Finally getting around to the first of a slew of tags and awards I was recently nominated for. This one came from fellow fantasy writer Angela B. Chrysler. Thanks Angela, and sorry it took me so long!
Making this list was a fun exercise! It made me realize that I look for three kinds of screen characters: those I can relate to, those I admire, and those who jangle my funny bone until I can’t breathe. Also, even though I had an easier time coming up with my 11 favorite literary heroines than the same number of literary heroes, most of the characters on this list are male. (*raises an eyebrow*)
Anyway, let’s go in alphabetical order, starting with…
1. Captain Jack Sparrow (Pirates of the Caribbean films)
I bloody loved Johnny Depp’s now iconic pirate character the moment he drifted onscreen in his dinghy. He’s calculating and morally ambiguous, often putting others in harm’s way to serve his own interests. His brand of silver-tongued negotiations also means that you never know what he’ll say next, and whether he’ll stick to his word. But that’s all part of Jack’s appeal. He’s so unpredictable that you have to keep watching! Not to mention his off-kilter walk and flamboyant behavior are hysterical. I still have entire Jack Sparrow quotes from the first film memorized. Especially the “Me? I’m dishonest” bit, and of course, “WHY IS THE RUM GONE?!” 😄
2. Clone Sisters Sarah, Cosima, Alison, and Helena (Orphan Black)
I’m cheating with this entry, but it would be a sin to only pick one of these “seestras” from the ground-breaking sci-fi / horror / comedy / crime drama Orphan Black . It’s also a testament to Tatiana Maslany’s acting, as she plays all of the female clones. (She’s played about 12 different characters over three seasons.) These four gals are the core of Clone Club, and you’ll never meet a more diverse, fiercely loyal family. Sarah has evolved so much from a selfish con artist into the mother bear, determined to discover the clones’ origins and protect her sisters at all costs. Cosima uses her science background to research the clones’ genetic mysteries, while dealing with her worsening respiratory illness and heartbreak with her lesbian partners. Suburban housewife Alison is hilarious thanks to her passive-aggressive behavior and underhanded tactics to keep her family and sisterhood safe. As for Helena… let’s just say she’s a goofy, food-obsessed Ukranian who isn’t afraid to throw a punch – or completely gut her enemies. Like I said, you’ll never a family quite like this one!
3. Danielle de Barbarac (Ever After: A Cinderella Story)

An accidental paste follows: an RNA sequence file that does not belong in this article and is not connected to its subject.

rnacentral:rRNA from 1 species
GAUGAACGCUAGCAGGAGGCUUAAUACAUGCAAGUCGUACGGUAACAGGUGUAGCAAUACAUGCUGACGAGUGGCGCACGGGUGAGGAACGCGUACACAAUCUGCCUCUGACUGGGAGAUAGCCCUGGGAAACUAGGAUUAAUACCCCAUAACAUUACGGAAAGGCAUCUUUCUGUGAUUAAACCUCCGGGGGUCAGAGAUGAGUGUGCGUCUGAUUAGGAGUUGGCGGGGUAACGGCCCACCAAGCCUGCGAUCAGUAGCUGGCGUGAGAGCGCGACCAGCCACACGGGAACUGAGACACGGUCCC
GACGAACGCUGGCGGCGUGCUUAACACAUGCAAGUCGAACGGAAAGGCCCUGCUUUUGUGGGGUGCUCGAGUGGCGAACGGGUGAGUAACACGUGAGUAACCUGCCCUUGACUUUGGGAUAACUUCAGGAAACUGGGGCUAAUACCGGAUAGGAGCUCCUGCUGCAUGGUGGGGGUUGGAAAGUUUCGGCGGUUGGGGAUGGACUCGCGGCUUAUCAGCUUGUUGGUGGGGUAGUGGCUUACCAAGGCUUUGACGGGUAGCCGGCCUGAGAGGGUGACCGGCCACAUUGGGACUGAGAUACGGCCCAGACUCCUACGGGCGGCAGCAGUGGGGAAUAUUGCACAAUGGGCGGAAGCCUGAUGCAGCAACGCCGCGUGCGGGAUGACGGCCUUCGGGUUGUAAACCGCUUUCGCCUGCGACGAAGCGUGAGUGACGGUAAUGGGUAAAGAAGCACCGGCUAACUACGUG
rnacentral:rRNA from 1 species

This 1998 retelling of Cinderella never gets old. One of the biggest reasons why is the heroine herself, known here as Danielle de Barbarac and played by Drew Barrymore, who offers a more lively, proactive interpretation of the cinder girl. Even though Danielle is reduced to kitchenmaid status by her stepmother after her father dies, she remains kind, fair-minded, and witty. Those qualities – not the beautiful gown or her sudden appearance at a royal ball (which comes late in the film) – attract the attention of Prince Henry when Danielle dresses up and pretends to be a noblewoman to save a fellow servant. This intelligent, passionate version of Cinderella is so inspiring, and one of the best examples of a dynamic female character who doesn’t need to wield weapons or physically kick butt to be considered “strong.”
4. Felix Dawkins (Orphan Black)
I was planning to limit myself to one character per movie or franchise… but I couldn’t not list Felix from Orphan Black. It’s impossible to forget Sarah Manning’s foster brother after he first appears on the show. This struggling artist / gay male prostitute doubles as comedic relief and unexpected conscience for Sarah. He may be vain, snobby, or timid at times, but the show’s events have compelled him to become Clone Club’s “brother figure,” giving the sisters exclusive cell phones for private communication and hiding the girls in his loft when trouble brews. And did I mention how INSANELY FUNNY Felix is? His humor errs on the vulgar-raunchy side at times, but that’s just how Felix is: complex, melodramatic, and provocative. He’s definitely one to rely on for equal doses of laughs and sympathy.
5. Gandalf (The Lord of the Rings Trilogy)
Even though Frodo and Sam are listed in my Favorite Literary Heroes post, Gandalf tends to be the first character who comes to mind when I think of LOTR. He’s the epitomical mentor: wise, protective of his charges, and weighed down by responsibility. Not to mention he’s incisively direct when angry, can wield his staff like a much younger warrior, and has a lighthearted side some might not expect from him. But Gandalf’s sageness is what I love most about him. His insights are like poetry, and they’re quite often as darn true in real life as they are in Middle-Earth. The above clip from the first film, The Fellowship of the Ring, is a wonderful example.